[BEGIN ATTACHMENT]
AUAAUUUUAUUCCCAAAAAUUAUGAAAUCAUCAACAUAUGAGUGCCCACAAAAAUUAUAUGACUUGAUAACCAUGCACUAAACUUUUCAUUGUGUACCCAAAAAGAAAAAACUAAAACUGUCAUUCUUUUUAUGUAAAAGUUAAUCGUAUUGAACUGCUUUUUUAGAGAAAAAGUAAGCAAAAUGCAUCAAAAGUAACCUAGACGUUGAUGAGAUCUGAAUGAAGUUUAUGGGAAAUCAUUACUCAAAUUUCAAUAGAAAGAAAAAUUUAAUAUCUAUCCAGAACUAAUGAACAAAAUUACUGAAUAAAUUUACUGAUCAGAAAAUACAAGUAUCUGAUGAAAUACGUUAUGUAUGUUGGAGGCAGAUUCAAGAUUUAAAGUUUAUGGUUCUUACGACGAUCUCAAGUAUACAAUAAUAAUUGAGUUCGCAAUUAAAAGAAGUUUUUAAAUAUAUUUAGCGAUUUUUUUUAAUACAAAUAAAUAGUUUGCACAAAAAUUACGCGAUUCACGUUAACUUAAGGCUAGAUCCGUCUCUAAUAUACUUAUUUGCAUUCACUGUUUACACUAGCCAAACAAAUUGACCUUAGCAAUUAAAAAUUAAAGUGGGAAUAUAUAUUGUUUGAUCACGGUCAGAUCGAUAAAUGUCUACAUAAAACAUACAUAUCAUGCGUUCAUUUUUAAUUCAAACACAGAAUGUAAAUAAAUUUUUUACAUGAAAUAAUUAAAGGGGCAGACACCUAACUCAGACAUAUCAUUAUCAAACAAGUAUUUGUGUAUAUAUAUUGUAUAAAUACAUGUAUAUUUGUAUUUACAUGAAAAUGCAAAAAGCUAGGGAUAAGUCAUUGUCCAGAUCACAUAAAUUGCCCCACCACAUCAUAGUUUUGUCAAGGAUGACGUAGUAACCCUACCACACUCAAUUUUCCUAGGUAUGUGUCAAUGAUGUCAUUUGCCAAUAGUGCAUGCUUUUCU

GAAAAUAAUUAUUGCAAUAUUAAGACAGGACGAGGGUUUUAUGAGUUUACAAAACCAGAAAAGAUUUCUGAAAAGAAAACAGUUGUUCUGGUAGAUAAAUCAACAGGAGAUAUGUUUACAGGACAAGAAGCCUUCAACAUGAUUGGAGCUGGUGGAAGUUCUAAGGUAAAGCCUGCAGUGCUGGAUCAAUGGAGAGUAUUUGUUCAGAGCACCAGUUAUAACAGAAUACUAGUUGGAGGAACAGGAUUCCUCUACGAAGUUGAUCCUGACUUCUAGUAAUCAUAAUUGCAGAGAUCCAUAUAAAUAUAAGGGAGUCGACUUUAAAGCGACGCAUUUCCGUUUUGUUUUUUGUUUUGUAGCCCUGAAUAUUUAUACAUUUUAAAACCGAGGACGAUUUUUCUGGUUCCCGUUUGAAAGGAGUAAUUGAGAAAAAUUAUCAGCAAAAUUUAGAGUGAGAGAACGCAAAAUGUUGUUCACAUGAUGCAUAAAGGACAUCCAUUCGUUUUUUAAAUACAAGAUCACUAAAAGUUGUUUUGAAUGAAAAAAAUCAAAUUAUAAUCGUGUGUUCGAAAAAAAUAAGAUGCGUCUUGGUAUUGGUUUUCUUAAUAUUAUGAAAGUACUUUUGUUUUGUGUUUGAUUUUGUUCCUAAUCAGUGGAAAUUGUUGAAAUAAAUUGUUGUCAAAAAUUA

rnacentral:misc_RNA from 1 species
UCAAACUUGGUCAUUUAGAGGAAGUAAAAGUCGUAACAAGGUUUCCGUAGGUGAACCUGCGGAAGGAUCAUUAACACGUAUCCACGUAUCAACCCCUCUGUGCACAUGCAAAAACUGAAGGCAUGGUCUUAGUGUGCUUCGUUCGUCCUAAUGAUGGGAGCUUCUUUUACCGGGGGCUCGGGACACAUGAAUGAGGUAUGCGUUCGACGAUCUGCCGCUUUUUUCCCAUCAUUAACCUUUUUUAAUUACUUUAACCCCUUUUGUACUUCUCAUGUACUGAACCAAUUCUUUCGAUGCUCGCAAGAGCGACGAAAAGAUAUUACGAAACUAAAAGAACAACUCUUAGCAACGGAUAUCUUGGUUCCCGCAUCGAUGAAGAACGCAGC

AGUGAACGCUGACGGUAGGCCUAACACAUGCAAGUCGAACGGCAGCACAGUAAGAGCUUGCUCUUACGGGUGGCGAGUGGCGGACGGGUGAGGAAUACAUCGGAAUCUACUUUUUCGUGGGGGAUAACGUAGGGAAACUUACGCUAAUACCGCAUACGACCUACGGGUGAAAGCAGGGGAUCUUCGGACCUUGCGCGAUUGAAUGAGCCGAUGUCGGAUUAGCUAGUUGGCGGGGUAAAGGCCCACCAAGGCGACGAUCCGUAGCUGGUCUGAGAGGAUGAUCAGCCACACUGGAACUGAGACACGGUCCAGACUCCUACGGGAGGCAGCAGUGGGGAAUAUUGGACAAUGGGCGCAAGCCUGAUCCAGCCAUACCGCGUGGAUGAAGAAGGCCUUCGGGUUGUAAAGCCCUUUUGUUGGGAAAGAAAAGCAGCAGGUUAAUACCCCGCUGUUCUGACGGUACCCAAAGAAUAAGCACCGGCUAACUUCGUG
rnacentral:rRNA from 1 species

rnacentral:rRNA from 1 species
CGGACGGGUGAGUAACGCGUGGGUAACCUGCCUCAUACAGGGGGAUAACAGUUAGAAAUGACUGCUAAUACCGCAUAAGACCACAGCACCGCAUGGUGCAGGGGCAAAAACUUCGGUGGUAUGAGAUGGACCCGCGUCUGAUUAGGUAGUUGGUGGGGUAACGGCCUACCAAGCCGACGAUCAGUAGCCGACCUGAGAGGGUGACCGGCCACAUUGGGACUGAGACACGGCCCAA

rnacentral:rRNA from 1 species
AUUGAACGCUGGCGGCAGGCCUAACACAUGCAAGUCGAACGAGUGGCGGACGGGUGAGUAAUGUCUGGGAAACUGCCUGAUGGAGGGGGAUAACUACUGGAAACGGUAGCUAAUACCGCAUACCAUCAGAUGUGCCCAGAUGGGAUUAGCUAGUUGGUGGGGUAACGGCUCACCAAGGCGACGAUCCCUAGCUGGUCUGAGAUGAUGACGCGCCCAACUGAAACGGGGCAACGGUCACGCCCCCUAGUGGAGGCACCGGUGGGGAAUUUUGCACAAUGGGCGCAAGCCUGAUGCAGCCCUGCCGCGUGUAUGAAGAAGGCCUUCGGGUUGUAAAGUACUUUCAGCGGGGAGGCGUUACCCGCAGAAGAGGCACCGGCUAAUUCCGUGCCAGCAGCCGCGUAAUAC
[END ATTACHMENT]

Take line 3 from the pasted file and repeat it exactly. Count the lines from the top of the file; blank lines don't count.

rnacentral:misc_RNA from 1 species